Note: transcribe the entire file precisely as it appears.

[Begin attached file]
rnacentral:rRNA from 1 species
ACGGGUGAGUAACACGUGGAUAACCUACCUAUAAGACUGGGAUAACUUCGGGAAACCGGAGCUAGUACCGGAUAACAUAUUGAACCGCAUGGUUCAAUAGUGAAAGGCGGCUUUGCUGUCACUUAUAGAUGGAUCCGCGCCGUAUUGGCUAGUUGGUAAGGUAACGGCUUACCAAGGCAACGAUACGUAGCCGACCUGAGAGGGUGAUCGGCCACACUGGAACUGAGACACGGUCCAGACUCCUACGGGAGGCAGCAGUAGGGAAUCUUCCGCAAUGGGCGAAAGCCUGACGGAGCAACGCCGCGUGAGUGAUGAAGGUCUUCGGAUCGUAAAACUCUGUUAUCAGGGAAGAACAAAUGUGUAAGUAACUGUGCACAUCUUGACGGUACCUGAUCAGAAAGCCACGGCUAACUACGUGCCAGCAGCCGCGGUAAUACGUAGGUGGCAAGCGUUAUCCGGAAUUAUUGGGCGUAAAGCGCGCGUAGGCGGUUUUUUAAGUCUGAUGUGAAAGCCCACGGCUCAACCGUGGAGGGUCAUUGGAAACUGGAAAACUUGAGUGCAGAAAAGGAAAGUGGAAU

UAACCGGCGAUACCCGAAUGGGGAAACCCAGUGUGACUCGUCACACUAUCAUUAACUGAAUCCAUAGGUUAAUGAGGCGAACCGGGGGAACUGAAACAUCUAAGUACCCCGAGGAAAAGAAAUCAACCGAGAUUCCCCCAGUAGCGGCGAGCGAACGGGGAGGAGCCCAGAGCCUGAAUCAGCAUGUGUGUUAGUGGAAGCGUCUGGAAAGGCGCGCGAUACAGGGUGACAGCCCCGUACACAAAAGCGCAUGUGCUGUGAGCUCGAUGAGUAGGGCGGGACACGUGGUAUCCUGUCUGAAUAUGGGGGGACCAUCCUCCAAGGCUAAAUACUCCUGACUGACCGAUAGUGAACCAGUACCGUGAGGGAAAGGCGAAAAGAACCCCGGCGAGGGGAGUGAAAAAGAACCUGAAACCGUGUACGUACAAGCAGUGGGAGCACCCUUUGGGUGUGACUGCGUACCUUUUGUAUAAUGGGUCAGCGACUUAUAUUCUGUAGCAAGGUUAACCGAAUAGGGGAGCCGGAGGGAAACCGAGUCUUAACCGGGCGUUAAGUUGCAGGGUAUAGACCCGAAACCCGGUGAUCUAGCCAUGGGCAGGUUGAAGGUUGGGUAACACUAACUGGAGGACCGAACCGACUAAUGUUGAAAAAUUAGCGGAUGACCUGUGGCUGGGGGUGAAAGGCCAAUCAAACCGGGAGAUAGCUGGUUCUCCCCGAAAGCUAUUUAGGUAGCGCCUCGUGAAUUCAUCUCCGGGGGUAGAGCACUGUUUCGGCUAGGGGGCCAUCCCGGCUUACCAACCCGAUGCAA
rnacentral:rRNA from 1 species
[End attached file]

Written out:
rnacentral:rRNA from 1 species
ACGGGUGAGUAACACGUGGAUAACCUACCUAUAAGACUGGGAUAACUUCGGGAAACCGGAGCUAGUACCGGAUAACAUAUUGAACCGCAUGGUUCAAUAGUGAAAGGCGGCUUUGCUGUCACUUAUAGAUGGAUCCGCGCCGUAUUGGCUAGUUGGUAAGGUAACGGCUUACCAAGGCAACGAUACGUAGCCGACCUGAGAGGGUGAUCGGCCACACUGGAACUGAGACACGGUCCAGACUCCUACGGGAGGCAGCAGUAGGGAAUCUUCCGCAAUGGGCGAAAGCCUGACGGAGCAACGCCGCGUGAGUGAUGAAGGUCUUCGGAUCGUAAAACUCUGUUAUCAGGGAAGAACAAAUGUGUAAGUAACUGUGCACAUCUUGACGGUACCUGAUCAGAAAGCCACGGCUAACUACGUGCCAGCAGCCGCGGUAAUACGUAGGUGGCAAGCGUUAUCCGGAAUUAUUGGGCGUAAAGCGCGCGUAGGCGGUUUUUUAAGUCUGAUGUGAAAGCCCACGGCUCAACCGUGGAGGGUCAUUGGAAACUGGAAAACUUGAGUGCAGAAAAGGAAAGUGGAAU

UAACCGGCGAUACCCGAAUGGGGAAACCCAGUGUGACUCGUCACACUAUCAUUAACUGAAUCCAUAGGUUAAUGAGGCGAACCGGGGGAACUGAAACAUCUAAGUACCCCGAGGAAAAGAAAUCAACCGAGAUUCCCCCAGUAGCGGCGAGCGAACGGGGAGGAGCCCAGAGCCUGAAUCAGCAUGUGUGUUAGUGGAAGCGUCUGGAAAGGCGCGCGAUACAGGGUGACAGCCCCGUACACAAAAGCGCAUGUGCUGUGAGCUCGAUGAGUAGGGCGGGACACGUGGUAUCCUGUCUGAAUAUGGGGGGACCAUCCUCCAAGGCUAAAUACUCCUGACUGACCGAUAGUGAACCAGUACCGUGAGGGAAAGGCGAAAAGAACCCCGGCGAGGGGAGUGAAAAAGAACCUGAAACCGUGUACGUACAAGCAGUGGGAGCACCCUUUGGGUGUGACUGCGUACCUUUUGUAUAAUGGGUCAGCGACUUAUAUUCUGUAGCAAGGUUAACCGAAUAGGGGAGCCGGAGGGAAACCGAGUCUUAACCGGGCGUUAAGUUGCAGGGUAUAGACCCGAAACCCGGUGAUCUAGCCAUGGGCAGGUUGAAGGUUGGGUAACACUAACUGGAGGACCGAACCGACUAAUGUUGAAAAAUUAGCGGAUGACCUGUGGCUGGGGGUGAAAGGCCAAUCAAACCGGGAGAUAGCUGGUUCUCCCCGAAAGCUAUUUAGGUAGCGCCUCGUGAAUUCAUCUCCGGGGGUAGAGCACUGUUUCGGCUAGGGGGCCAUCCCGGCUUACCAACCCGAUGCAA
rnacentral:rRNA from 1 species